The winner in terms of the brand with the strongest overall rating on Cluey and most overall mentions across the other sources used in our research is…
Not only does Badger have a high score for social impacts and a top score for environmental impacts on Cluey for it’s demonstrated commitments to people and the planet, but it was also the only sunscreen brand that was mentioned across all five of the other sources we looked at outside of Cluey for their picks of sunscreens that made the cut. Not to mention, Badger is also a B Corp Certified brand and one of the select brands in the world to have the “Protect Land + Sea” certification from the Haereticus Environmental Laboratory.
The “other strong contenders” list
- California Baby (or California Kids)
- Babo Botanicals
This list was composed of brands that either have a strong Cluey ranking + a mention on one of the five other sources we leveraged for this article, OR brands that were mentioned on two or more of the the five other sources leveraged for this article (even if there is not enough data for a Cluey rating)
The “avoid” list
- any “spray” sunscreen
- any sunscreen that contains any of the following active ingredients
- 4-methylbenzylidene camphor
- Para-aminobenzoic acid (PABA)
- Methyl Paraben
- Ethyl Paraben
- Propyl Paraben
- Butyl Paraben
- Benzyl Paraben
When it comes to brands and general tips on sunscreens to avoid for both your safety and that of marine life, there are a couple of important points to keep in mind: First, the three brands listed above were all part of the 2021 benzene sunscreen recall by the FDA. The first two brands, both owned by Johnson & Johnson, were of particular concern given that recent research has revealed that J&J and the FDA withheld important health knowledge of the risks from the public. This is not the first time J&J has had concerning consumer safety recalls in the last decade, and for these reasons, we recommend avoiding. Second, we recommend avoiding all “aerosol spray” products mostly due to concerns around consumer health. And third, any sunscreen products that contain “active ingredients” on the HEL list (above), should be avoided for marine safety concerns.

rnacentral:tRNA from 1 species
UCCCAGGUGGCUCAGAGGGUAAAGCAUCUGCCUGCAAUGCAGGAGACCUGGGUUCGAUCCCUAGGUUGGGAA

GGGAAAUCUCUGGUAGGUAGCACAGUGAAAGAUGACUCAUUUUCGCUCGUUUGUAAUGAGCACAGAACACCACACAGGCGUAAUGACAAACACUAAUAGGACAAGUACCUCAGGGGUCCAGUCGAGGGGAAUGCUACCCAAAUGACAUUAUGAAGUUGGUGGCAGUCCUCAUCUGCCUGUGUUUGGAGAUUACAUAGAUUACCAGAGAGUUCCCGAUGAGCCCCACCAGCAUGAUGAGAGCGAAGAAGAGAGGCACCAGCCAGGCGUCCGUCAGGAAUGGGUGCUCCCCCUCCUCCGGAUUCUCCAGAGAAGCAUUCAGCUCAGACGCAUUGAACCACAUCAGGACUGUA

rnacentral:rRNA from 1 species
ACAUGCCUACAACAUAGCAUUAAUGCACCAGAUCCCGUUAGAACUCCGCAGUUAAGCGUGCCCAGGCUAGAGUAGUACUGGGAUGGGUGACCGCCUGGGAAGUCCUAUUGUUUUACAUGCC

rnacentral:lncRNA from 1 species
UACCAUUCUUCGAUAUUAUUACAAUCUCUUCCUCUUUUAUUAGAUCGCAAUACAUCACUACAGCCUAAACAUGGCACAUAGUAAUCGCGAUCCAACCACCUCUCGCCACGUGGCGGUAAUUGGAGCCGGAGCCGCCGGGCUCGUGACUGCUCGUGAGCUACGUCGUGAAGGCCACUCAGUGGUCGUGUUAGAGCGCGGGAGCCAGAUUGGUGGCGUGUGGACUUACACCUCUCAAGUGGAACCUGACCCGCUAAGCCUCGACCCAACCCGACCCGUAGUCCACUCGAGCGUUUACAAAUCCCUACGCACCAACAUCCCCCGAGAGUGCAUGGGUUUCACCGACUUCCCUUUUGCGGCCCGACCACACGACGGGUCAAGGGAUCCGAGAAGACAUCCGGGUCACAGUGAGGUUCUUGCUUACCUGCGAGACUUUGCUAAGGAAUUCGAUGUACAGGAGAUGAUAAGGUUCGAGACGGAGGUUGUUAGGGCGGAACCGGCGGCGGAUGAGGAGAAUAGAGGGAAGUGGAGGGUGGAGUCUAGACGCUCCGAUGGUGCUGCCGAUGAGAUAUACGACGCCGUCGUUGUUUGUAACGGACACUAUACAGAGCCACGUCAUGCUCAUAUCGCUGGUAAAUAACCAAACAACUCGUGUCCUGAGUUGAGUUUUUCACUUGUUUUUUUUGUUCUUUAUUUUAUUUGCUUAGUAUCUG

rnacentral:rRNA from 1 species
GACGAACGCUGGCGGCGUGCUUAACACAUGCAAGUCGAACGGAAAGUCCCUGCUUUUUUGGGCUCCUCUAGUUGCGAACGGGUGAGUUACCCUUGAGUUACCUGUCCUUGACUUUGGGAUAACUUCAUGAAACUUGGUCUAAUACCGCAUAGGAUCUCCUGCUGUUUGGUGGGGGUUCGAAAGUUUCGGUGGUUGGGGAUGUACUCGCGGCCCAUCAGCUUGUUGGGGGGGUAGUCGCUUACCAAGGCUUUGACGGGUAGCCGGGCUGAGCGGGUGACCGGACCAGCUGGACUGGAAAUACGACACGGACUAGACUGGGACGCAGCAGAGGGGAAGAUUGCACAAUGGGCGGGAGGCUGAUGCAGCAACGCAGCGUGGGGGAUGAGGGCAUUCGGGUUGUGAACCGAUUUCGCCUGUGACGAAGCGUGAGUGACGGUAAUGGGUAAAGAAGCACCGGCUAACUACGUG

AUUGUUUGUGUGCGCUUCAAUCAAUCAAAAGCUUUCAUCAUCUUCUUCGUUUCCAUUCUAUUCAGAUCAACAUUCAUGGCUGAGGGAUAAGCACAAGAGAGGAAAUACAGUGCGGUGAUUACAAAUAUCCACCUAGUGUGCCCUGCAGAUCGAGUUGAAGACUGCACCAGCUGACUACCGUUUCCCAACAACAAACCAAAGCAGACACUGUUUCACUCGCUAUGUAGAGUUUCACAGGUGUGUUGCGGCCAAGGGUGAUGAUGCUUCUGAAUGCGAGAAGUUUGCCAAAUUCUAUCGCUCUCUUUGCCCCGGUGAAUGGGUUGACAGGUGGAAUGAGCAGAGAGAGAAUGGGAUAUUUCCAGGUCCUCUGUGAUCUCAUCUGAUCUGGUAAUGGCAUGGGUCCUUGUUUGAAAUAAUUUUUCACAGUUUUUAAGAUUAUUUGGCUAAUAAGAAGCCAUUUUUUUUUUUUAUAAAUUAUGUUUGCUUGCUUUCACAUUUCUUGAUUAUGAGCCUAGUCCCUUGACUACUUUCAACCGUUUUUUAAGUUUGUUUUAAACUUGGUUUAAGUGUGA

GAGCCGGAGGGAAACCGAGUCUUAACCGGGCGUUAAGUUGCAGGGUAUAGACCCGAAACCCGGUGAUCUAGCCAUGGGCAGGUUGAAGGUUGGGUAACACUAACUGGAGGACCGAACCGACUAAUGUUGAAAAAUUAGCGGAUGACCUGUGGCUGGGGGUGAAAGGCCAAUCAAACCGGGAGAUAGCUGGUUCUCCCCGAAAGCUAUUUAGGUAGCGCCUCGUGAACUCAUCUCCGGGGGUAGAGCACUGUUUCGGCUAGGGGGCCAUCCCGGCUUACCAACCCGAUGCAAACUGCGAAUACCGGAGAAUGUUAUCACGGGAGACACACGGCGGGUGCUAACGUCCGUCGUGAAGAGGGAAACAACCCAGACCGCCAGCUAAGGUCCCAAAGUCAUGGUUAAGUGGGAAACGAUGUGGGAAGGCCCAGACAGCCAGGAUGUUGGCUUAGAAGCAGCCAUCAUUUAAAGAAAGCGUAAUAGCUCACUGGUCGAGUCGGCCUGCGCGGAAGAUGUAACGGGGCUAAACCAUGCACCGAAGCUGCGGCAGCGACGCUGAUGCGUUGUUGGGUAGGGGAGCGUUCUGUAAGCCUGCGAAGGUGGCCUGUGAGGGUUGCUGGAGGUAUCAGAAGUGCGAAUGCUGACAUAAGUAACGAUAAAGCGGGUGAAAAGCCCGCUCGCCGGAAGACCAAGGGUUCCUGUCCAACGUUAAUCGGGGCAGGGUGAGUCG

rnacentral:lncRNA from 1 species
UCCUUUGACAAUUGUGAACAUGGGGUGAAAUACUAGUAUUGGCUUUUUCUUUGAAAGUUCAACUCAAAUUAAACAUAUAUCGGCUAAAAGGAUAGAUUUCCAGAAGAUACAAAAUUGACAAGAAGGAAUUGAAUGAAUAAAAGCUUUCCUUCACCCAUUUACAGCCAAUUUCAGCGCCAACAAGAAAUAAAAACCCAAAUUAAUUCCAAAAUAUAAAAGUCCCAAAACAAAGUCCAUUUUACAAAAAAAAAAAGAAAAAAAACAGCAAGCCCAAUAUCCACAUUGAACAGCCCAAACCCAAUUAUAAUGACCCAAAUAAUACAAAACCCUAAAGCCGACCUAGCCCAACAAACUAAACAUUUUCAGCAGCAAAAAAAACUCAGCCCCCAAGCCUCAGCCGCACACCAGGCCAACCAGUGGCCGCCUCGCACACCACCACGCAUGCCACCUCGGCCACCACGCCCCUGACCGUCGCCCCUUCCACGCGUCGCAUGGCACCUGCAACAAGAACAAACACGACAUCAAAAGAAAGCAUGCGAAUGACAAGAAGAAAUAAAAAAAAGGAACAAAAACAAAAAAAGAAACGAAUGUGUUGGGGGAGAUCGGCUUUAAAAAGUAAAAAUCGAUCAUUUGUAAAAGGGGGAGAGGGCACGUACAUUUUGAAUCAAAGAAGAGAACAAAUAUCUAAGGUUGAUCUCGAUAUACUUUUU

The “jury’s still out” list:
- Banana Boat
- Sun Bum
- Elta MD
- Alba (While some of Alba’s products made the list on some of the other sources used for this article, Alba’s score on Cluey fails on both people and planet. This is largely due to its parent company, Hain Celestial, having a history of incidents around consumer quality and safety, ethics with animal welfare, and poor handling of emissions, effluents, and waste. Consumers who wish not to spend their money on that type of activity should avoid Alba.)
- Australian Gold
Brands on this list may come as a surprise to some consumers given their “clean” marketing, but these brands landed here for a few key reasons: they didn’t show up consistently across our sources, there isn’t enough data to rate them on Cluey, or if they are marketing newer products as “reef safe,” this may not apply to their entire product line, and for any or all of these reasons, the jury is still out on the following brands. This is not to say that some of these brands’ claims aren’t accurate, but we cannot come to a solid conclusion on these brands from our research at this time.
We hope this article has armed you with the information needed to make safe choices for you and the planet while enjoying fun in the sun this summer. ☀️